• Share
  • Email
  • Embed
  • Like
  • Save
  • Private Content
Disability Awareness Day
 

Disability Awareness Day

on

  • 391 views

 

Statistics

Views

Total Views
391
Views on SlideShare
389
Embed Views
2

Actions

Likes
0
Downloads
0
Comments
0

2 Embeds 2

http://www.weebly.com 1
http://lynsiepouliot.weebly.com 1

Accessibility

Upload Details

Uploaded via as Microsoft PowerPoint

Usage Rights

CC Attribution-NonCommercial LicenseCC Attribution-NonCommercial License

Report content

Flagged as inappropriate Flag as inappropriate
Flag as inappropriate

Select your reason for flagging this presentation as inappropriate.

Cancel
  • Full Name Full Name Comment goes here.
    Are you sure you want to
    Your message goes here
    Processing…
Post Comment
Edit your comment

    Disability Awareness Day Disability Awareness Day Presentation Transcript

    • Disability Awareness Day An Interactive Presentation By: Lynsie Pouliot Ed 205-02 Quit
    • Why be aware? • With every new year, more children are being born with some form of disability. There is at least one child with a form of disability in every school. Educating children at a young age about different disabilities will increase tolerance and acceptance of those who are different. When people do not know anything about specific disabilities, they unfortunately make false assumptions and lower their expectations of what those people can do. This needs to change so everyone can have an equal chance at this world. Quit
    • Home Page Why be aware? • Autism • Blind • Cerebral Palsy • Deaf • Down Syndrome • Dwarfism • Accessibility for All • Author’s Page • Resources • Quit
    • Autism •Autism is a complex neurobiological disorder (in other words, parts of the brain are not functioning correctly and it causes a person to have trouble communicating and to relate with others). Autistic boy with assistant dog •Click on the screen to watch a video about a girl with Autism. Quit
    • Blind •When a person is blind, it means they use The black dots are raised up and the different ways to accomplish the same white dots are not. You feel which thing that a sighted person can do using dots are raised up to tell what letter eyesight. it is. •People also use the terms “vision impaired” or “low vision” in place of blind, because around only 20% of blind people are totally blind. •Most blind people have some remaining H E L O L vision. •To read and write, blind people use the Braille system. It was created by a Frenchman named Louis Braille in 1821. •Braille uses a rectangular cell of 6 dots that are raised and lowered to make letters, numbers, and symbols. Watch a video to see how the blind can tell the difference between Quit dollar bills
    • Cerebral Palsy Cerebral palsy (CP) happens when a • person cannot control muscle movements in their body, because the part of the brain that controls muscle movements does not work properly CP varies greatly from one child to • another. they can have epilepsies, mental impairments, learning disabilities, and attention- deficit/hyperactivity disorder (ADHD), or just one of these effects Two-thirds of children with CP will be • mentally impaired A child with CP can live to have a • near-normal adult life Some may require crutches or a wheel • chair to move around, while others can walk on their own An estimated 800,000 people have CP • in the United States Quit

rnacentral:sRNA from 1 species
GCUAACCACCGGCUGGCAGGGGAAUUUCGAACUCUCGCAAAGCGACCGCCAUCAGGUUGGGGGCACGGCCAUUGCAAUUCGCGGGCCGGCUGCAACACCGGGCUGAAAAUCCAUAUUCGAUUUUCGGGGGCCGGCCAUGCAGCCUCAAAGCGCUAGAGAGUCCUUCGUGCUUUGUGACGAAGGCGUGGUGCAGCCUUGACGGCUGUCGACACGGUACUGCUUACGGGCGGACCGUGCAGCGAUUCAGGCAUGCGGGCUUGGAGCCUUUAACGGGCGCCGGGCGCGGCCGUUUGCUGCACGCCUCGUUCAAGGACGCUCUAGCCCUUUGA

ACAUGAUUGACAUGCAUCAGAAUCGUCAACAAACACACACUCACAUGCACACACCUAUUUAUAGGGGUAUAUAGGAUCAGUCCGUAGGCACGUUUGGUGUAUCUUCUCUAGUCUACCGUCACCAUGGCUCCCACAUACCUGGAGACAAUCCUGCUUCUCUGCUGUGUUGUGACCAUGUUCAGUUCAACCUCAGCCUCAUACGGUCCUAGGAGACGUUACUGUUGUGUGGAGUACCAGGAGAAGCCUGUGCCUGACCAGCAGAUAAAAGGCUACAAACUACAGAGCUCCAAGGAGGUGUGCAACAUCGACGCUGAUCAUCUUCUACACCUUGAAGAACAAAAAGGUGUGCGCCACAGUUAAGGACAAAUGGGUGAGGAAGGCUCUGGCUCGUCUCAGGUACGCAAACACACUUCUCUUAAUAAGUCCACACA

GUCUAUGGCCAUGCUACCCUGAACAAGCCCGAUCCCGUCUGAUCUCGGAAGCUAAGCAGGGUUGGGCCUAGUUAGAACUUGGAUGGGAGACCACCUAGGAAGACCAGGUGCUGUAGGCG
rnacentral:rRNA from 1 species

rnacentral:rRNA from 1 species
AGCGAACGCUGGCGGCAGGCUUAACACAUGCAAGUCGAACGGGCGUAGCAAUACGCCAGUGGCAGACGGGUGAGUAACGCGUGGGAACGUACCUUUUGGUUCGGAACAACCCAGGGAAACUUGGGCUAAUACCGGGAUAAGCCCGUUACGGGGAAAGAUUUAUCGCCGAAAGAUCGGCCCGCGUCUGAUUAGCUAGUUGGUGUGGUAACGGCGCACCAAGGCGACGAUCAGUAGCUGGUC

• Deaf International Symbol of Deaf/Hard of Hearing Click on the screen to see a video of the alphabet in American Sign Language (ASL) •When a person is deaf (or hard of hearing), it means they do not have the ability to detect or understand most sounds. •A person can be born with hearing loss or it can happen later in life due to illnesses or accidents •To communicate with the world, those who are deaf use Sign Language •Sign Language is when a person uses hand motions to form words and phrases. •They can simply write messages to communicate with others also Quit
    • Down Syndrome • Down syndrome is a condition that causes delays in physical and learning development • People with down syndrome are more similar to everyone else than they are different • A person can only be born with it, you cannot get it later on in life • 1 baby in every 800 births have down syndrome • People with down syndrome do have many talents and gifts to be recognized Quit
    • Dwarfism • Dwarfism is when a person is of short stature • They are typically under 5 feet tall when full grown • There is over 200 different kinds of dwarfism • There are no mental impairments connected to dwarfism • Some kinds of dwarfism require corrective surgery, while other kinds do not need any medical attention 10-12 year old dwarf girls Quit
    • Accessibility for All • Americans with Disabilities Act (ADA) – All public owned buildings must be accessible to all with physical disabilities. • So a person in a wheelchair can access the building, use the restrooms, and use an elevator without any assistance – No employer can deny a job to a person just because they are disabled Quit
    • Author’s Page • My name is Lynsie Pouliot and I am a Special Education major at Grand Valley State University. After I graduate in April 2012, I will be teaching special education anywhere from Kindergarten to 12th grade. Or I’ll also be able to teach regular elementary classes. Educating everyone that being different is what makes us great, is my goal in life. • Email me with any questions or concerns Quit
    • Resources www.teachertube.com • www.autismspeaks.org • www.nad.org • www.nfb.org • www.nads.org • www.cerebralpalsy.org • Quit